On the wall behind her desk is a picture that perfectly captures the past and future for Hollis Budd.
In the picture, local entrepreneur and philanthropist Max Farash stands among four presidents of the University of Rochester, a group of leaders that spans decades. The picture reminds Budd, a longtime UR fundraiser and friend of Max Farash, of the important work she now does as a steward of the Farash fortune.
Budd was named director of the Max and Marian Farash Charitable Foundation in late 2010. She started Jan. 1, 2011, taking over after the death of Max Farash, when the foundation added close to $200 million in assets he had amassed through his real estate empire.
Budd, 58, has the task of leading the foundation as it uses those funds to benefit the community. She also leads the growth of an essentially new non-profit with a small but expanding staff.
And over her shoulder the entire time is the reason for the work-fulfilling the wishes of Max and Marian Farash.
"It's really all about honoring the memory of the exquisite philanthropy of a well-loved couple," Budd says.
For Budd, Rochester was only supposed to be a stopover.
She moved to the area in 1979 when her husband started a medical residency at Strong Memorial Hospital, and she did not envision staying long.
"I thought we would be here for three years," she says. "Now this is home and I can't imagine living anywhere else."
Budd has enjoyed a long, varied career at UR, with roles in everything from cancer research to the nursing school to central administration. She also became the university's first female vice president.
"It was fun reinventing myself in all those different roles," she says.
It was through her work at UR that Budd came into contact with Max Farash, first meeting him in 1988 when she moved from working in the nursing school to the Simon School of Business.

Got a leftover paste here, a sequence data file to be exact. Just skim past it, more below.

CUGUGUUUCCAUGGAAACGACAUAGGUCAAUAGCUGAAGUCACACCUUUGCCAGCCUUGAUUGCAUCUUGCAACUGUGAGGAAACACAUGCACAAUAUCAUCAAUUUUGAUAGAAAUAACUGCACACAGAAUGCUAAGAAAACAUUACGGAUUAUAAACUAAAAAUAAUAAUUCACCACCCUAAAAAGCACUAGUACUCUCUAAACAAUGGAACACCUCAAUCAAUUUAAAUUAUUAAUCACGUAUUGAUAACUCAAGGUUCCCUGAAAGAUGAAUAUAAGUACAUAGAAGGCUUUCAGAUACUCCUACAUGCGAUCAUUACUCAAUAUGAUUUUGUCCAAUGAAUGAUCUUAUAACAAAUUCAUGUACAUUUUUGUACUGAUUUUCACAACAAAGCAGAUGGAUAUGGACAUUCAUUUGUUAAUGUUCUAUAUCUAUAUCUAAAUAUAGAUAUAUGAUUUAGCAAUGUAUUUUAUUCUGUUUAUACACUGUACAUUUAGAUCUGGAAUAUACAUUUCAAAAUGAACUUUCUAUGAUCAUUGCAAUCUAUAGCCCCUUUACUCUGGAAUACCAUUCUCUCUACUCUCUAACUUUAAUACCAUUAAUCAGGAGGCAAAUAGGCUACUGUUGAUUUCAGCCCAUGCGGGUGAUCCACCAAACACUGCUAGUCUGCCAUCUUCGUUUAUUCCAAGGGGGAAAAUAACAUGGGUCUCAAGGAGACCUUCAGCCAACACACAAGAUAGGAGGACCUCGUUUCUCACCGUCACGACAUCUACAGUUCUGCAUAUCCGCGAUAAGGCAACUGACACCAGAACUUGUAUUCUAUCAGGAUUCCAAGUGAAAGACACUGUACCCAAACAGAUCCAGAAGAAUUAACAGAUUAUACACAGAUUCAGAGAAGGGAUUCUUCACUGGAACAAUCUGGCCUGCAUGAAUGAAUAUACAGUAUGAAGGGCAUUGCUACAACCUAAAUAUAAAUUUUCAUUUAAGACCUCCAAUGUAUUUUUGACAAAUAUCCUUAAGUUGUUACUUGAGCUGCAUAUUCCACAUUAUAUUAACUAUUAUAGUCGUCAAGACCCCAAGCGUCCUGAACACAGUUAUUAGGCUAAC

The Farash Foundation also was established in 1988 and, before the death of Max Farash, held assets valued at $3.5 million to $4 million. After he died his assets escalated the foundation's assets to more than $200 million.
Several factors made Budd the right fit as the organization's director, board members say. She had spent many of her 31 years at UR working in fundraising for the Simon School. She was also a board member of the Farash Foundation and understood the transition that would take place once the couple's assets were given to the foundation.
"The community board was constituted in 2007, and part of the trust that governed us said that a member of the Simon School faculty or administration had to hold a seat," Budd says. "So I represented the Simon School from 2007 to 2011, and our role was to prepare for the day when the foundation would go from a relatively small entity to a major enterprise."
Because the foundation was going to have a rapid transformation, the board and Chairman Nathan Robfogel opted to appoint Budd as director without going through a search process. The board decided it could not pass up the opportunity to bring her experience to the foundation on a full-time basis, Robfogel said at the time.